Research by Yale & NYU Shows That Solarize campaigns and messages, can lead to an average 1,000% increase in local installations.
WASHINGTON, DC, USA, August 4, 2020 /EINPresswire.com/ — A new guidebook from Yale University — and featuring the award-winning Solarize Campaign of SmartPower — offers a roadmap for installing rooftop solar panels in low-to-moderate (LMI) communities — communities that are often overlooked across the USA. At the same time this Guidebook outlines the barriers and potential benefits of bringing rooftop solar to these LMI households.
The guidebook is based on research by Dr. Kenneth Gillingham, associate professor of environmental and energy economics at the Yale School of the Environment, and Dr. Bryan Bollinger, associate professor of marketing at New York University, and is derived from a series of “Solarize” on-the-ground outreach campaigns managed by the nationally recognized nonprofit organization, SmartPower.
Solarize is a proven community-based outreach approach that brings together solar installers, environmental organizations, community-based volunteers, local officials, and residents to accelerate adoption of rooftop solar. Previously Gillingham, Bollinger and SmartPower collaborated and detailed the effectiveness of these Solarize campaigns and messages, which can lead to an average 1,000-percent increase in local installations
“Breaking through to low-and-moderate-income communities has been one of our long-term challenges and goals,” said Brian F. Keane, President of SmartPower. “And now we have the roadmap. Indeed, each and every community is different – and nuances matter. But with this Guidebook we help unlock those nuances so that all Americans can be part of the solar solution.”
Funded by the U.S. Department of Energy’s Solar Energy Technologies Office (SETO), this resource offers a roadmap for installing rooftop solar panels in communities that are too often overlooked when it comes to promoting renewable energy solutions.
“The research underlying this guidebook provided new insights into how to reach LMI households to help them reduce energy costs and the negative environmental impacts from building energy use,” said Yale’s Gillingham.
The recent phase of the research focused on LMI communities, and how different messages can resonate differently with different communities. One first finding is that Solarize campaigns were proven to be effective among LMI communities. But the messaging field experiment provided further nuances on how to reach potential solar customers across all income groups. While self-interest, financially-oriented messages work best among high-income households, evidence suggests that community-focused — or “pro-social” messages — resulted in more satisfied customers who were more likely to tell their friends and neighbors about the positive experience.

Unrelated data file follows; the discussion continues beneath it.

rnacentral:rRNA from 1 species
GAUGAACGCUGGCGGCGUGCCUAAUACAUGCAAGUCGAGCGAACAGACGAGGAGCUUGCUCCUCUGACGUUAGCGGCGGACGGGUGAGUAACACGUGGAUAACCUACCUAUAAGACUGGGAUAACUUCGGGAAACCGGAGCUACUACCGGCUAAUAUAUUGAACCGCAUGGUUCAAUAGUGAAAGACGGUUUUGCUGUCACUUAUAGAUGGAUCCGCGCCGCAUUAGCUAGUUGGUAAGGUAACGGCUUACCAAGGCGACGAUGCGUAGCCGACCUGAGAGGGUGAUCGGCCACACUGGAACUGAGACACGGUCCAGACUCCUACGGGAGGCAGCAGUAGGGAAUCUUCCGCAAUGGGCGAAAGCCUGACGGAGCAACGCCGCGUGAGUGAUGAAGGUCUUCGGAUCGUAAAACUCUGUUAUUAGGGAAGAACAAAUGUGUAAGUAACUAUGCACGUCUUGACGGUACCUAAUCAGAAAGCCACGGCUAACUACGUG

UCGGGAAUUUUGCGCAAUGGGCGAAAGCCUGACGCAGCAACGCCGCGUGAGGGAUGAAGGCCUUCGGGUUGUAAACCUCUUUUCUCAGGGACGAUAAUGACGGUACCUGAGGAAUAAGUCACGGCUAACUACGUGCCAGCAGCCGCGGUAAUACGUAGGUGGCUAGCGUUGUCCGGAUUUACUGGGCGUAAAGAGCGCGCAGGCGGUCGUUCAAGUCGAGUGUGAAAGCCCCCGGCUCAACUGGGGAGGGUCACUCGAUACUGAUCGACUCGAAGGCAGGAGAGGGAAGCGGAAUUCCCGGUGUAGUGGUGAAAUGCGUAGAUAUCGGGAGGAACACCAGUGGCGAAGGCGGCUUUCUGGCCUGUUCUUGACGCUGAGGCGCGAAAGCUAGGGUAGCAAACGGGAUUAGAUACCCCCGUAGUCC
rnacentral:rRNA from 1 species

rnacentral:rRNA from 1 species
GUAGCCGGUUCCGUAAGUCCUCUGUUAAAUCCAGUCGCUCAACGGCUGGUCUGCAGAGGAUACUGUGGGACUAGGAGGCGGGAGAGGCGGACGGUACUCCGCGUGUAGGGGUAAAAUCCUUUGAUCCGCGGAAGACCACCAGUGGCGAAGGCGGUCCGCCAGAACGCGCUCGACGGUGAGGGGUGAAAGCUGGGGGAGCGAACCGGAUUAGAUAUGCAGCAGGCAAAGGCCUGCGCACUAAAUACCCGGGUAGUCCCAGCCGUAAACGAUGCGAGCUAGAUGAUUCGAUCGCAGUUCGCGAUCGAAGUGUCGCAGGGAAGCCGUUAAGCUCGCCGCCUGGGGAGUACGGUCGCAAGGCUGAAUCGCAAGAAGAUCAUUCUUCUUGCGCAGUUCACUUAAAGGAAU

Key findings from the research include:
1. It is critical to assess and remove key barriers. A starting point is to make sure that the policy environment is conducive to LMI solar adoption. It is especially important to have financing options that are tailored to the needs of these customers. When capital is available, solar can be much more attractive and accessible to LMI households. Shared community solar options also hold great promise for LMI adoption of solar.
2. Solarize programs work in LMI communities. Households in these communities are open to the idea of installing solar, and peer-to-peer and neighbor-to-neighbor campaigns that encourage solar adoption can succeed. A major reason for this is that trust matters, so community volunteers and local “solar ambassadors” can be very influential.
3. Getting the word out is critical. In LMI communities, customers are equally likely to adopt solar as a result of either a community-based or individual-based message; The researchers find that messaging does not matter for the number of adoptions. This suggests simply that engaging in messaging at all is critical.
4. Messaging matters for who adopts. Households that install solar after receiving community-based messages are happier with their installations and are more likely to recommend solar to their friends and neighbors, even if the installations tend to be somewhat smaller and less financially lucrative to the household. So, if the goal is to deliver happy adopters who continue to tell their peers about solar, community-based messaging is the preferred approach for LMI communities.
This guidebook aims to identify the best ways to connect with potential LMI customers and understand what makes them interested in purchasing rooftop solar systems. The authors hope that policymakers, once armed with this information and tools that they can use, will continue to develop programs making solar attractive for as many customers as possible. The Guidebook can be downloaded at the Yale School of the Environment website.
Source: EIN Presswire